The beauty of the trees, the softness of the air, the fragrance of the grass, speaks to me.  The summit of the mountain, the thunder of the sky, the rhythm of the sea, speaks to me.  The faintness of the stars, the freshness of the morning, the dew drop on the flower, speaks to me.  The strength of fire, the taste of salmon, the trail of the sun, and the life that never goes away.  They speak to me.  And my heart soars.

“We are part of this planet,” said Jones, “It is never going to go away.  So, take care of it.”  Jones advised, by “listening and being respectful,” and, above all, we must all seek to  “see the things in between.”  Do not forget the importance of “the place, the culture, and the environment, keep bringing these up” he encouraged.  When designing, “keep at it, and put people right in there.”  While Jones credited his mother and grandmother for teaching him the lessons of his heritage, he also thanked his university education for developing his approach.  Adopting a humanistic perspective and maintaining a design philosophy where the people-element is never forgotten or sacrificed is a principle Jones proudly says he “got from the University of Oregon.”  Post-lecture, Jones was asked for his comments about this recent experience as the Belluschi Distinguished Visiting Professor and his work with the students at the University of Oregon.  He commented that he tried to instill in the students the idea that “It’s not the final designs, even though that is what we are judged by, but the ‘Emerging Indigenous Gifts’ that count.”   He added that he would like to “thank all of [the University] for the opportunity [it] gave [him], and look forward to continued interchange.”

Jones’ lecture provided an education into the wisdom and unparalleled legitimacy of indigenous peoples.  His ability to come into the peace of a wild, natural environment and to absorb the presence and stillness of nature by bringing that into his designs is a principle of grace and understanding.  As an architect, Jones has allowed his heritage to move him and transpire into a empathetic design aesthetic.  It is this multidisciplinary aesthetic that  brilliantly incorporates into his architectural systems and thus adding meaning and story to the landscapes, shapes, textures, colors, patterns, rhythms, and forms of his projects.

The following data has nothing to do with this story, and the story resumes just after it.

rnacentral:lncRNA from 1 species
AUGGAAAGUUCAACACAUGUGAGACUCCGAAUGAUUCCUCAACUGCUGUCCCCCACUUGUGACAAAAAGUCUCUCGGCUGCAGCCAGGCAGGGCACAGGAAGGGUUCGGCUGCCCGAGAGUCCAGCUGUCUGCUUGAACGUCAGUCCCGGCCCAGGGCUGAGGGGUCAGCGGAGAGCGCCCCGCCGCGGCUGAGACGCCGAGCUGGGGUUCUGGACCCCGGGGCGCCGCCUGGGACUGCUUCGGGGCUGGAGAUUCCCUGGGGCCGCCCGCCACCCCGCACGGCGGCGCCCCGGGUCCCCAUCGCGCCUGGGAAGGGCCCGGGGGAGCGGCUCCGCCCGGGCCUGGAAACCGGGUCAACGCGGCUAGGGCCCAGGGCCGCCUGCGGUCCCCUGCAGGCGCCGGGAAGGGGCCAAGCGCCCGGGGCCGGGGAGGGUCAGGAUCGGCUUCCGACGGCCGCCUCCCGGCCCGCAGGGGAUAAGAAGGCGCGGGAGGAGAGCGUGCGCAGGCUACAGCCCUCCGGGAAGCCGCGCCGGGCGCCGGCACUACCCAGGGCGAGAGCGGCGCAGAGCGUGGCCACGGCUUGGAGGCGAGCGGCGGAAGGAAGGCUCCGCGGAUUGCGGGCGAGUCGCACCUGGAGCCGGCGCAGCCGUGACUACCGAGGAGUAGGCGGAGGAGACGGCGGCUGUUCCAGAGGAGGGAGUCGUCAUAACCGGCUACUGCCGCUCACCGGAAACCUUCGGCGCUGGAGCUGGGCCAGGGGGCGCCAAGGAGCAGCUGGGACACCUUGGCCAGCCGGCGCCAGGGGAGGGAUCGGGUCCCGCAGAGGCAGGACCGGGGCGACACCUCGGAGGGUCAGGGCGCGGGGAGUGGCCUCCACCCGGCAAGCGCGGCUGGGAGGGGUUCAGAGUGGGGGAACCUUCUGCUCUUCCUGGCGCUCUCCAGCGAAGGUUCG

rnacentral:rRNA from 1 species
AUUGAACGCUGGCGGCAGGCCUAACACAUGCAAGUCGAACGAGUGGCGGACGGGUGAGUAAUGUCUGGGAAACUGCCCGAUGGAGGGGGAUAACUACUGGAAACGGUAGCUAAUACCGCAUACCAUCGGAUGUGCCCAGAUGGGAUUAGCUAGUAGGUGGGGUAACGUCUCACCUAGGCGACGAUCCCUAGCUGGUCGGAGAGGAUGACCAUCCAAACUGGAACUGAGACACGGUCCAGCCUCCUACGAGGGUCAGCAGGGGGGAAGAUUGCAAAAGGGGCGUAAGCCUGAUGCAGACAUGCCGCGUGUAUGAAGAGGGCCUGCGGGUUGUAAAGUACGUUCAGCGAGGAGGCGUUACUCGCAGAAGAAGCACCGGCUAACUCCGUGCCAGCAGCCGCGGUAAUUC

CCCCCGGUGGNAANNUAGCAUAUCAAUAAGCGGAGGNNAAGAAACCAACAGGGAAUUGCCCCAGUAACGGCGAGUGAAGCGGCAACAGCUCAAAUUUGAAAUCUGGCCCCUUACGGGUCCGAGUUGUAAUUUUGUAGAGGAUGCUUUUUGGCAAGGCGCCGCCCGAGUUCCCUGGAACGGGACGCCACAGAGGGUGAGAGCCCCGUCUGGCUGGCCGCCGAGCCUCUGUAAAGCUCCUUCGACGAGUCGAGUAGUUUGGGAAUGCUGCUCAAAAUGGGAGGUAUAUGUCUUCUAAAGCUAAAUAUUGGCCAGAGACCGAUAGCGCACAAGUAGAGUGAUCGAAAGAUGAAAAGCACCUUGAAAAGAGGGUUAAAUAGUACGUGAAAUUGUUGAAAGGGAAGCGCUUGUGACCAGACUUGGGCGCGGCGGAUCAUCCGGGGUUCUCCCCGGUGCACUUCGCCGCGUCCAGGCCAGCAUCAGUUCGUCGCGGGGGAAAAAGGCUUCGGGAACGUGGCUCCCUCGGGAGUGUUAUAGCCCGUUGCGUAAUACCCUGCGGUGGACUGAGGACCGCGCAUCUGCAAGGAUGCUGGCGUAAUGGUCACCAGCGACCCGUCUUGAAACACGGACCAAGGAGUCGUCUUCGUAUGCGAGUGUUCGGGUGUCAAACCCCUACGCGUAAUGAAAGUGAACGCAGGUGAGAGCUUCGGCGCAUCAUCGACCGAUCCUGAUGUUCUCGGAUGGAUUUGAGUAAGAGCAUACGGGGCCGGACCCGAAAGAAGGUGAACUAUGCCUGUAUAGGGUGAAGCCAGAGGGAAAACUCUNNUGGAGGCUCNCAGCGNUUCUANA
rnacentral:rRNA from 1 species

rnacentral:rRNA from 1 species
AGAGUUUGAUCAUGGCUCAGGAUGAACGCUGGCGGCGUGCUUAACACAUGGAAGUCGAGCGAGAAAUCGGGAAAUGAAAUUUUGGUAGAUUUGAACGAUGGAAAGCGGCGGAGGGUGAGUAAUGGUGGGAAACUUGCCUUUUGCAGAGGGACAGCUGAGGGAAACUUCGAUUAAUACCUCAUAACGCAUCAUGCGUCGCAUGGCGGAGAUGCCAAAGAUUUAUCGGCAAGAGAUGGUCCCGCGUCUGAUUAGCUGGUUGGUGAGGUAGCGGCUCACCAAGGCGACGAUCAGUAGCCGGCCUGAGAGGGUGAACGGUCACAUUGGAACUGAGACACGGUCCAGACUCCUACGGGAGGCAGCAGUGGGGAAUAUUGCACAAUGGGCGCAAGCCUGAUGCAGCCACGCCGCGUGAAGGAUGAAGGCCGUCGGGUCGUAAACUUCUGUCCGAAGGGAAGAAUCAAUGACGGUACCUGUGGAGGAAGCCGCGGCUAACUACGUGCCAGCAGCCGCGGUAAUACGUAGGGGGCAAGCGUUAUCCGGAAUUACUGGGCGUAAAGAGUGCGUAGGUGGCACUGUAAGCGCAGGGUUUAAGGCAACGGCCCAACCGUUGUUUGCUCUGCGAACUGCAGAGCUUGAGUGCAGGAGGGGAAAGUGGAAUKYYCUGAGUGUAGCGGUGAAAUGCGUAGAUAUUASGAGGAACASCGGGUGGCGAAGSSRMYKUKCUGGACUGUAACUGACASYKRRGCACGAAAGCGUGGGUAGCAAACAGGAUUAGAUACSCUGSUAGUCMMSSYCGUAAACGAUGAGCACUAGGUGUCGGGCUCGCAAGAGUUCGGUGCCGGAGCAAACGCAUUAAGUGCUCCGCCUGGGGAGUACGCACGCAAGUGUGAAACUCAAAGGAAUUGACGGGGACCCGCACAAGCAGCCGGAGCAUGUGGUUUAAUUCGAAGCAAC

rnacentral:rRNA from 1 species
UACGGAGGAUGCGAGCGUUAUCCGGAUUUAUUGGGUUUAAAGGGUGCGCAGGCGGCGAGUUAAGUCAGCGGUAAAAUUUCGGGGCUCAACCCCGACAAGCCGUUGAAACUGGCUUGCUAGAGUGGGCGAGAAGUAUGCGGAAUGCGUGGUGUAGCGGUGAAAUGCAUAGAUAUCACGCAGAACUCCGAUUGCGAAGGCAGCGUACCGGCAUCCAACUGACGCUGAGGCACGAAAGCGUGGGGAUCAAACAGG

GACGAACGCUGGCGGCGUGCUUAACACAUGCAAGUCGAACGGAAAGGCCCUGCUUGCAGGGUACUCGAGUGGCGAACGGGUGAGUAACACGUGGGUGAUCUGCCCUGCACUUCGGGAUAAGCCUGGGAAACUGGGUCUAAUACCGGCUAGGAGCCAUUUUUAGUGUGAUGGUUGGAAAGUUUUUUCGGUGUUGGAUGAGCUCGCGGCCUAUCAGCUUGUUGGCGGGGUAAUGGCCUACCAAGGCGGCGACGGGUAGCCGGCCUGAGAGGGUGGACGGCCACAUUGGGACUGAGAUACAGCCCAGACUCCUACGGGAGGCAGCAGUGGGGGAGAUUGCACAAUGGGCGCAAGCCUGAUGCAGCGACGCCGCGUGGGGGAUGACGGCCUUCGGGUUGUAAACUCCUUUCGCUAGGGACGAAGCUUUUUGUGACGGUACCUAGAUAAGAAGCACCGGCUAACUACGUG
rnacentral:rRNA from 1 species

[Note:  the video of Johnpaul Jones’ Eugene lecture is available at the following location:  “The Frog Does Not Drink Up the Pond In Which It Lives.“]

post  sabina samiee

many heartfelt thanks to johnpaul jones for sharing his images with us for this blog.

Johnpaul Jones delivers "Times Change, But Principles Don't", UO in Portland, 2011.

Modular Making in the Age of Digital Craft | A Collaboration Between the University of Oregon and Oregon College of Art and Craft

Something remarkable is happening this fall 2011 term with University of Oregon School of Architecture and Allied Arts students in Portland and Oregon College of Art and Craft students in the UO Architecture 4/584 Architectural Design course.  Along with instructors, Nathan Clark Corser (AIA, LEED AP, Design Principal of IDC Architects), Karl Burkheimer (OCAC and head of that college’s Wood Department) and architects, Peter Anderson and Mark Anderson (Anderson & Anderson Architects, San Francisco, California) students participated in a completely hands-on building project from start to finish. This is a collaborative project….stay tuned.  We just want to give you a preview of what has been happening on-site.